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An instant New York Times bestseller!
A USA Today bestseller!
Named a Best Book of 2021 by Amazon • Esquire • Marie Claire • Refinery29 • Kirkus • Redbook • Ms. Magazine • The Millions • Undomesticated Magazine • Paperback Paris
"A once-every-few-years reading experience."—Mary Beth Keane, New York Times bestselling author of Ask Again, Yes
"Coster portrays her characters’ worlds with startling vitality. As the children fall in lust and love, grapple with angst and battle the tides of New South politics, Coster’s writing shines"—New York Times Book Review
From the author of Halsey Street, a sweeping novel of legacy, identity, the American family—and the ways that race affects even our most intimate relationships.
A community in the Piedmont of North Carolina rises in outrage as a county initiative draws students from the largely Black east side of town into predominantly white high schools on the west. For two students, Gee and Noelle, the integration sets off a chain of events that will tie their two families together in unexpected ways over the next twenty years.
On one side of the integration debate is Jade, Gee's steely, ambitious mother. In the aftermath of a harrowing loss, she is determined to give her son the tools he'll need to survive in America as a sensitive, anxious, young Black man. On the other side is Noelle's headstrong mother, Lacey May, a white woman who refuses to see her half-Latina daughters as anything but white. She strives to protect them as she couldn't protect herself from the influence of their charming but unreliable father, Robbie.
When Gee and Noelle join the school play meant to bridge the divide between new and old students, their paths collide, and their two seemingly disconnected families begin to form deeply knotted, messy ties that will shape the trajectory of their adult lives. And their mothers—each determined to see her child inherit a better life—will make choices that will haunt them for decades to come.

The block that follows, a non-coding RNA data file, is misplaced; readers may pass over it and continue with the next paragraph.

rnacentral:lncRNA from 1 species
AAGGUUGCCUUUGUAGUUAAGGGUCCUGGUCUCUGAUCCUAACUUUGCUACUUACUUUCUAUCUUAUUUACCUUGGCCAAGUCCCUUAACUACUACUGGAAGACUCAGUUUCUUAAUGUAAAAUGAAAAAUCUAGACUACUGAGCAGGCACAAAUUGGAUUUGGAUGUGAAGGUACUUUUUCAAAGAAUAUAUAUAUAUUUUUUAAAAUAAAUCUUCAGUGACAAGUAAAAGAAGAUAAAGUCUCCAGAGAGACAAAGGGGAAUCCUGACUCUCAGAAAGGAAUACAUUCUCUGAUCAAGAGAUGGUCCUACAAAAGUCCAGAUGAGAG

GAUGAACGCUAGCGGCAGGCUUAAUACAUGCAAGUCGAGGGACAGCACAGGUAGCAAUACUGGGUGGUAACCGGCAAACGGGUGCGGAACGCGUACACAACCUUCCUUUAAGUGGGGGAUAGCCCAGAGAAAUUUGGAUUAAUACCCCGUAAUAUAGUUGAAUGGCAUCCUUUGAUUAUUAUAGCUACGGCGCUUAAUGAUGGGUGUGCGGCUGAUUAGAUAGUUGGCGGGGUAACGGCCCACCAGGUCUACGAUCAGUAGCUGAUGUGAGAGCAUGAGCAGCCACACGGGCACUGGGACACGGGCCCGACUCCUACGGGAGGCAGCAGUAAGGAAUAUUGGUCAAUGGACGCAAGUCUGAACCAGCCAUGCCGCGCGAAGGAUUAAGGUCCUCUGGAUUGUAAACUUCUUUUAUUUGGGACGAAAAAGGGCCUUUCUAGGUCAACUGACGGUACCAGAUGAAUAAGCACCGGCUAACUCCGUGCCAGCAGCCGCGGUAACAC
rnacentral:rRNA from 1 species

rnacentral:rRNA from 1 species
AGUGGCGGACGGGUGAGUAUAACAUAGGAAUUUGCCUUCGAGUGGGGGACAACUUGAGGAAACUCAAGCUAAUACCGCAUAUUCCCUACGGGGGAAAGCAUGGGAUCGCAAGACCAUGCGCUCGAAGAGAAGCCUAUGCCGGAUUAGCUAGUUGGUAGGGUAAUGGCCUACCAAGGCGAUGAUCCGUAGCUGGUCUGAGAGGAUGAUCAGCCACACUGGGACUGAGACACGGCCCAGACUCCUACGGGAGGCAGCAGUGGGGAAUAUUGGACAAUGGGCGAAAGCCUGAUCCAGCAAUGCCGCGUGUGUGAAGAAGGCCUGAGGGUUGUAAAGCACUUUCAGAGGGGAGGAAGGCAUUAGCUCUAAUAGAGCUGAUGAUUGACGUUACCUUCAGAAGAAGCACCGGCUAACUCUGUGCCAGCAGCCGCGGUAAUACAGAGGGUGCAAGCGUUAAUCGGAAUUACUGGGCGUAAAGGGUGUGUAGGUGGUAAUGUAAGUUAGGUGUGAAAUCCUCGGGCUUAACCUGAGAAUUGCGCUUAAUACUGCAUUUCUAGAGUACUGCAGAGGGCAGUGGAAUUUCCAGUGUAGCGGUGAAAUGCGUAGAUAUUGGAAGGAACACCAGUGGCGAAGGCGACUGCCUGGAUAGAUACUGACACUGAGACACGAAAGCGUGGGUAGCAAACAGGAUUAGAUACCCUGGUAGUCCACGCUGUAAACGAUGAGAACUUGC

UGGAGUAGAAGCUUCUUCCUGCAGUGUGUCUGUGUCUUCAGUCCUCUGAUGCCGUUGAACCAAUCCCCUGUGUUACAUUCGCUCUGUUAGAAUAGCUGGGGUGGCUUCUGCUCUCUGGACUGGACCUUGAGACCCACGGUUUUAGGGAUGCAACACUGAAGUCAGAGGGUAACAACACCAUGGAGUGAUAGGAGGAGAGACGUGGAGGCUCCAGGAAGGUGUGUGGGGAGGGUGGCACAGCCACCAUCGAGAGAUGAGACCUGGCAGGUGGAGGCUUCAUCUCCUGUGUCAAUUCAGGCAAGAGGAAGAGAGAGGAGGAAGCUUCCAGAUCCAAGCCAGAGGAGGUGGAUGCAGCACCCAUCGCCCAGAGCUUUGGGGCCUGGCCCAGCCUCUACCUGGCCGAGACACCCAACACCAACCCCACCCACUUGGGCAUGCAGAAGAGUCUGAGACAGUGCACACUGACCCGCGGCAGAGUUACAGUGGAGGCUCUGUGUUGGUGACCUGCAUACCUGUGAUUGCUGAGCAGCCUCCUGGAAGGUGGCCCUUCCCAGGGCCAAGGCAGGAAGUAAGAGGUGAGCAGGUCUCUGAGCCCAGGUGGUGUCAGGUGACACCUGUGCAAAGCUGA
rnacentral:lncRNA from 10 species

As love is built and lost, and the past never too far behind, What's Mine and Yours is an expansive, vibrant tapestry that moves between the years, from the foothills of North Carolina, to Atlanta, Los Angeles, and Paris. It explores the unique organism that is every family: what breaks them apart and how they come back together.
APPLE BOOKS REVIEW
Naima Coster’s compulsively readable novel is a multigenerational saga that tackles the prickly complexities of race and family loyalty with clarity and enormous compassion. Set in rural North Carolina and Georgia and spanning decades, What’s Mine and Yours follows two sets of kids—three girls who pass as white although their father is a Colombian immigrant and a Black boy who lost his father to violence—through tumultuous childhoods and into adulthood. The novel’s considerable joy stems from watching Coster’s young characters navigate, and often defy, expectations. Fans of The Vanishing Half will devour this sprawling and deeply affecting story.
Coster (Halsey Street) returns with a rich if diffuse story of loss, betrayal, and systemic racism, centered on two families spanning the 1990s to the present, set mainly in the Piedmont area of North Carolina. In 1992, six-year-old Gee's, father, Ray, gets killed in front of him. Noelle Ventura grows up on the other side of town, and though her father, Robbie, is from Colombia, she passes for white. In 2002, the two families intersect when Gee, who is Black, is bussed to Noelle's high school. Her white mother, Lacey May, who struggled to support three children while Robbie was in jail, joins a group of parents who protest the school's integration, a racist position that forces Noelle to choose between Lacey May and her growing love for Gee. In a series of abrupt shifts, Coster portrays Noelle as a housewife in 2018 Atlanta, and her Black husband, Nelson, who works as a photographer in 2018 Paris and sleeps with a white woman. In 2018, Lacey May's daughters reluctantly return home to visit after hearing she has cancer, setting off a series of confrontations and reconciliations. While Coster's exploration of race is powerful, the scattered plotting dampens the impact of the various stories. It's undoubtedly ambitious, but it doesn't hang together.
What’s mine & yours
I did not like one single character in this book. It felt seedy & angry, the only redeeming quality was that Diane & Alma found happiness.